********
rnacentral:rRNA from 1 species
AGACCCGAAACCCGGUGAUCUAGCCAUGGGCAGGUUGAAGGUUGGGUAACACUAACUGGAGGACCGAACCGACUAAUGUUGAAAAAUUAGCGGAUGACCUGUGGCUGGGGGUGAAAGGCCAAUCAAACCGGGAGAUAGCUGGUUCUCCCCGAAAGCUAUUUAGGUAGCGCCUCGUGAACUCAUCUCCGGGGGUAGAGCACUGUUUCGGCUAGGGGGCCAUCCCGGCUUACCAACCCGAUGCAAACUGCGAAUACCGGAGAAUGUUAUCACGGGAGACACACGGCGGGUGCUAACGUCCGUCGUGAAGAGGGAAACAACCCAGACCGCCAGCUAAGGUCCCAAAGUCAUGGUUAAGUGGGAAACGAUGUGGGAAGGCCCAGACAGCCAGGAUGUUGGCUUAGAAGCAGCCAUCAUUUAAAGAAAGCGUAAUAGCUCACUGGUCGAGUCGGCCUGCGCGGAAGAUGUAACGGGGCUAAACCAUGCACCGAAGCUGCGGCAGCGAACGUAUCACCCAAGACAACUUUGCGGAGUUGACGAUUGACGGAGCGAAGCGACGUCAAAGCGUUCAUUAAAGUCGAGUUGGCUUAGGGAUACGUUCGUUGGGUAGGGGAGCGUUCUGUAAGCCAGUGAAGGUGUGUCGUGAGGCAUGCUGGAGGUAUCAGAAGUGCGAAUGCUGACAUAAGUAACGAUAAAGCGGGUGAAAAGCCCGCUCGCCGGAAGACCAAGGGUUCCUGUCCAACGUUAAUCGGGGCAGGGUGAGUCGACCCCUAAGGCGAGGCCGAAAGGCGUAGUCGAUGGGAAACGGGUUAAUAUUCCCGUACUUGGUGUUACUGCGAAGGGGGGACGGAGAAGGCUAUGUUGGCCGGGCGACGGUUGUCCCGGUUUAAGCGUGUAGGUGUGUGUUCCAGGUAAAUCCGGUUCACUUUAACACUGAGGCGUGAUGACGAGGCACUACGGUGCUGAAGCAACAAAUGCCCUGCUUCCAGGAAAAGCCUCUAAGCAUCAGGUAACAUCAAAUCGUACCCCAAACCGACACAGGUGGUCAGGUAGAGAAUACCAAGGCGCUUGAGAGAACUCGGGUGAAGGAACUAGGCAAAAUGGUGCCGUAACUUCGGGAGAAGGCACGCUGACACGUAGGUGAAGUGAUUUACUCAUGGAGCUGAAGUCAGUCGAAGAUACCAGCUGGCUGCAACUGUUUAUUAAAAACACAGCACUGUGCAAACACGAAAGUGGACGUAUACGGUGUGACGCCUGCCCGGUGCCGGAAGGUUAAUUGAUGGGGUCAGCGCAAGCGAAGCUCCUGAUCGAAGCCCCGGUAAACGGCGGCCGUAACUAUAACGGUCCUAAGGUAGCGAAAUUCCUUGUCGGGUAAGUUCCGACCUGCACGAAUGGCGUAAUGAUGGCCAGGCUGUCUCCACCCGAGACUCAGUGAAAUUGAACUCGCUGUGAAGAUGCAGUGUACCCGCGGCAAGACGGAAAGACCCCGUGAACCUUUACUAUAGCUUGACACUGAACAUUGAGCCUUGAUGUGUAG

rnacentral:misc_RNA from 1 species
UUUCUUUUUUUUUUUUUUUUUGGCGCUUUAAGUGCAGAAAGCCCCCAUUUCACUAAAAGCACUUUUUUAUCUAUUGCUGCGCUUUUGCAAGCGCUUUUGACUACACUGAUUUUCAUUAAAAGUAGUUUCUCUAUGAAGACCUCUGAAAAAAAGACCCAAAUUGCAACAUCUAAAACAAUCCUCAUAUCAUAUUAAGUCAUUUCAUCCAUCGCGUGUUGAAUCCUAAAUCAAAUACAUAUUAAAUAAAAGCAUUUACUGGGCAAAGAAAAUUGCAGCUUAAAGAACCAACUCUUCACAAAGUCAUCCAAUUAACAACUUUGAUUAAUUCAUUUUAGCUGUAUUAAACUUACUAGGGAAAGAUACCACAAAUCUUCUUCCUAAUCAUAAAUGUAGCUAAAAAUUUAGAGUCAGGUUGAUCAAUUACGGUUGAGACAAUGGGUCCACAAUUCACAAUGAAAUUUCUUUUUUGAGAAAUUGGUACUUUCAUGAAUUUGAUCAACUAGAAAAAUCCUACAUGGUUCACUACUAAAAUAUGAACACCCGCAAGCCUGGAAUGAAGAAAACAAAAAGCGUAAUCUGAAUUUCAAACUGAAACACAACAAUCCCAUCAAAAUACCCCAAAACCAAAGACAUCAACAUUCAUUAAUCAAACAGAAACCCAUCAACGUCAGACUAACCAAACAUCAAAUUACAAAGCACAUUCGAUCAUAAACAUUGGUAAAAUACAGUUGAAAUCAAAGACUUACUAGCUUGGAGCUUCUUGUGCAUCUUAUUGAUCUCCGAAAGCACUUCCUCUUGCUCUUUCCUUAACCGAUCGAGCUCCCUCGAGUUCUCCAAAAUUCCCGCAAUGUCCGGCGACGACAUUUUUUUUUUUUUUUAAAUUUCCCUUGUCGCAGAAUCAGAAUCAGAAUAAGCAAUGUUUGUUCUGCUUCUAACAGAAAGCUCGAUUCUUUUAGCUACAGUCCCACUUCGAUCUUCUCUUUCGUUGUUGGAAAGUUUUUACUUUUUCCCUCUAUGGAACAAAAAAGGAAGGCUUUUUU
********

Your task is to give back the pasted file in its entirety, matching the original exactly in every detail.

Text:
rnacentral:rRNA from 1 species
AGACCCGAAACCCGGUGAUCUAGCCAUGGGCAGGUUGAAGGUUGGGUAACACUAACUGGAGGACCGAACCGACUAAUGUUGAAAAAUUAGCGGAUGACCUGUGGCUGGGGGUGAAAGGCCAAUCAAACCGGGAGAUAGCUGGUUCUCCCCGAAAGCUAUUUAGGUAGCGCCUCGUGAACUCAUCUCCGGGGGUAGAGCACUGUUUCGGCUAGGGGGCCAUCCCGGCUUACCAACCCGAUGCAAACUGCGAAUACCGGAGAAUGUUAUCACGGGAGACACACGGCGGGUGCUAACGUCCGUCGUGAAGAGGGAAACAACCCAGACCGCCAGCUAAGGUCCCAAAGUCAUGGUUAAGUGGGAAACGAUGUGGGAAGGCCCAGACAGCCAGGAUGUUGGCUUAGAAGCAGCCAUCAUUUAAAGAAAGCGUAAUAGCUCACUGGUCGAGUCGGCCUGCGCGGAAGAUGUAACGGGGCUAAACCAUGCACCGAAGCUGCGGCAGCGAACGUAUCACCCAAGACAACUUUGCGGAGUUGACGAUUGACGGAGCGAAGCGACGUCAAAGCGUUCAUUAAAGUCGAGUUGGCUUAGGGAUACGUUCGUUGGGUAGGGGAGCGUUCUGUAAGCCAGUGAAGGUGUGUCGUGAGGCAUGCUGGAGGUAUCAGAAGUGCGAAUGCUGACAUAAGUAACGAUAAAGCGGGUGAAAAGCCCGCUCGCCGGAAGACCAAGGGUUCCUGUCCAACGUUAAUCGGGGCAGGGUGAGUCGACCCCUAAGGCGAGGCCGAAAGGCGUAGUCGAUGGGAAACGGGUUAAUAUUCCCGUACUUGGUGUUACUGCGAAGGGGGGACGGAGAAGGCUAUGUUGGCCGGGCGACGGUUGUCCCGGUUUAAGCGUGUAGGUGUGUGUUCCAGGUAAAUCCGGUUCACUUUAACACUGAGGCGUGAUGACGAGGCACUACGGUGCUGAAGCAACAAAUGCCCUGCUUCCAGGAAAAGCCUCUAAGCAUCAGGUAACAUCAAAUCGUACCCCAAACCGACACAGGUGGUCAGGUAGAGAAUACCAAGGCGCUUGAGAGAACUCGGGUGAAGGAACUAGGCAAAAUGGUGCCGUAACUUCGGGAGAAGGCACGCUGACACGUAGGUGAAGUGAUUUACUCAUGGAGCUGAAGUCAGUCGAAGAUACCAGCUGGCUGCAACUGUUUAUUAAAAACACAGCACUGUGCAAACACGAAAGUGGACGUAUACGGUGUGACGCCUGCCCGGUGCCGGAAGGUUAAUUGAUGGGGUCAGCGCAAGCGAAGCUCCUGAUCGAAGCCCCGGUAAACGGCGGCCGUAACUAUAACGGUCCUAAGGUAGCGAAAUUCCUUGUCGGGUAAGUUCCGACCUGCACGAAUGGCGUAAUGAUGGCCAGGCUGUCUCCACCCGAGACUCAGUGAAAUUGAACUCGCUGUGAAGAUGCAGUGUACCCGCGGCAAGACGGAAAGACCCCGUGAACCUUUACUAUAGCUUGACACUGAACAUUGAGCCUUGAUGUGUAG

rnacentral:misc_RNA from 1 species
UUUCUUUUUUUUUUUUUUUUUGGCGCUUUAAGUGCAGAAAGCCCCCAUUUCACUAAAAGCACUUUUUUAUCUAUUGCUGCGCUUUUGCAAGCGCUUUUGACUACACUGAUUUUCAUUAAAAGUAGUUUCUCUAUGAAGACCUCUGAAAAAAAGACCCAAAUUGCAACAUCUAAAACAAUCCUCAUAUCAUAUUAAGUCAUUUCAUCCAUCGCGUGUUGAAUCCUAAAUCAAAUACAUAUUAAAUAAAAGCAUUUACUGGGCAAAGAAAAUUGCAGCUUAAAGAACCAACUCUUCACAAAGUCAUCCAAUUAACAACUUUGAUUAAUUCAUUUUAGCUGUAUUAAACUUACUAGGGAAAGAUACCACAAAUCUUCUUCCUAAUCAUAAAUGUAGCUAAAAAUUUAGAGUCAGGUUGAUCAAUUACGGUUGAGACAAUGGGUCCACAAUUCACAAUGAAAUUUCUUUUUUGAGAAAUUGGUACUUUCAUGAAUUUGAUCAACUAGAAAAAUCCUACAUGGUUCACUACUAAAAUAUGAACACCCGCAAGCCUGGAAUGAAGAAAACAAAAAGCGUAAUCUGAAUUUCAAACUGAAACACAACAAUCCCAUCAAAAUACCCCAAAACCAAAGACAUCAACAUUCAUUAAUCAAACAGAAACCCAUCAACGUCAGACUAACCAAACAUCAAAUUACAAAGCACAUUCGAUCAUAAACAUUGGUAAAAUACAGUUGAAAUCAAAGACUUACUAGCUUGGAGCUUCUUGUGCAUCUUAUUGAUCUCCGAAAGCACUUCCUCUUGCUCUUUCCUUAACCGAUCGAGCUCCCUCGAGUUCUCCAAAAUUCCCGCAAUGUCCGGCGACGACAUUUUUUUUUUUUUUUAAAUUUCCCUUGUCGCAGAAUCAGAAUCAGAAUAAGCAAUGUUUGUUCUGCUUCUAACAGAAAGCUCGAUUCUUUUAGCUACAGUCCCACUUCGAUCUUCUCUUUCGUUGUUGGAAAGUUUUUACUUUUUCCCUCUAUGGAACAAAAAAGGAAGGCUUUUUU